predominating, or if local trading partners turn out to be unsuitable. In contrast, a prod-
uct feed may be carried out, if growth no longer seems to be desirable, for example
due to a product’s adverse ecological effects. A further point of criticism regarding
Ansoff’s theory is that it implies that (sub) markets, customer groups, and product
categories are clearly identifiable, and that sector boundaries remain stable for ex-
tended periods. Today’s markets, however, are frequently characterized by the emer-
gence of entirely new competition situations as well as by the convergence of various
industries (Michel & Oberholzer-Michel 2011, p. 82). Additional concerns as to An-
11
systematisches, auf jedes Unternehmen anwendbares Analyse-Tool, das nicht darauf ausgerichtet ist,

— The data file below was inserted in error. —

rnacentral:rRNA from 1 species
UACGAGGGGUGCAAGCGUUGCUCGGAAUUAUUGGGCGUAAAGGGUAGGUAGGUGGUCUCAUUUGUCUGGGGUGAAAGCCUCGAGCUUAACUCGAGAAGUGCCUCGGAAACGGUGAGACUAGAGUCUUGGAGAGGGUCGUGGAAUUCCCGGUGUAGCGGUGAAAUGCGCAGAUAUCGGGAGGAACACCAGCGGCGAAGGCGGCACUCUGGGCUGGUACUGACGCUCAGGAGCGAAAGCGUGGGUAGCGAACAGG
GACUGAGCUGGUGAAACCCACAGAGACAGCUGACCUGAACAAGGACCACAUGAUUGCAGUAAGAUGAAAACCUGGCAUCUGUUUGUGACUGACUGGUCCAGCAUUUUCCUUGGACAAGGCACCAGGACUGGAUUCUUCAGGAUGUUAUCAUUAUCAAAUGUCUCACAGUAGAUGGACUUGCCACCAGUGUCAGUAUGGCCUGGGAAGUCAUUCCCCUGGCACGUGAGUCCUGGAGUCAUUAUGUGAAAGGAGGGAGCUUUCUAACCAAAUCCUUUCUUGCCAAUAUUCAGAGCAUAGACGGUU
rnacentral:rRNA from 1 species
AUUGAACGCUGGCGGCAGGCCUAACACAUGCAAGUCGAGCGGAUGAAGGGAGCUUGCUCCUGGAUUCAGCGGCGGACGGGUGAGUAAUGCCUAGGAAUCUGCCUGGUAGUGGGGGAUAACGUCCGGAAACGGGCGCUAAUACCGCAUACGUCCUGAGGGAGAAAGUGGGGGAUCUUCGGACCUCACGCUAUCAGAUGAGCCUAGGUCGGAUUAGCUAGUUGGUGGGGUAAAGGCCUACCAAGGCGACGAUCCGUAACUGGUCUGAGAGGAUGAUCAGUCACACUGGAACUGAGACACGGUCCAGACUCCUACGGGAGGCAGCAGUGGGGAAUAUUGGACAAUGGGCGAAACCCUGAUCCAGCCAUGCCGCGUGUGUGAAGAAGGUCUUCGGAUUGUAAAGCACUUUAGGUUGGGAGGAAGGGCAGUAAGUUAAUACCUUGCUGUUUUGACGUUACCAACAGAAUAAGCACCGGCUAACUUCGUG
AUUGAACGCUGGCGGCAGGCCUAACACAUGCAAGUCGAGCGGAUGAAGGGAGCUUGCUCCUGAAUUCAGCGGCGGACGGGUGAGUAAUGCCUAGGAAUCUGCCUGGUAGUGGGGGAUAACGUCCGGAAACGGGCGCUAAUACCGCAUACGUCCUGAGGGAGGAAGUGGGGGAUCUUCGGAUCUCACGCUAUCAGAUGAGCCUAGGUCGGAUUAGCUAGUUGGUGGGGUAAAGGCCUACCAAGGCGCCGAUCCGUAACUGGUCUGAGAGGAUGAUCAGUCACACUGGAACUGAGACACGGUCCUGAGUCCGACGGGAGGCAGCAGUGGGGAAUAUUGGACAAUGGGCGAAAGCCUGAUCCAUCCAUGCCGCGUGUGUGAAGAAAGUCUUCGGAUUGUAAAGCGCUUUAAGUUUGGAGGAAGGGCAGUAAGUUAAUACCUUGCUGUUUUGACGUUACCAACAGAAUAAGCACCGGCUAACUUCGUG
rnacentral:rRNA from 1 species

ein allumfassendes, alleiniges Werkzeug der Wachstumsplanung zu sein, sondern ein Werkzeug, mit
dem Unternehmen verschiedenste Wachstumsmöglichkeiten ausfindig machen und einander gegen-
überstellen können
30
soff’s approach pertain to the fact that the financial resources required for implement-
ing a recommended growth strategy remain unconsidered. Precisely because the
growth strategies discussed by Ansoff are cost-intensive, the availability of financial
resources constitute the major limitation. Moreover, Ansoff’s theory hardly makes any
mention of the influence of competitors, thus ignoring the fact that the decision about
which growth strategy to choose is also dependent on the competitive environment,
for example in cases where already established rival providers have set up market bar-
riers which hamper market penetration (Pepels 2013, p. 113).
31
3.1.2 Chris Argyris
3.1.2.1 Presentation of ArgyrisʼApproach
Chris Argyris (19232013), together with Donald Schön, designed a theory of organ-
izational learning at the end of the 1970s (Reinhardt 2014, p. 321). Chris Argyris, who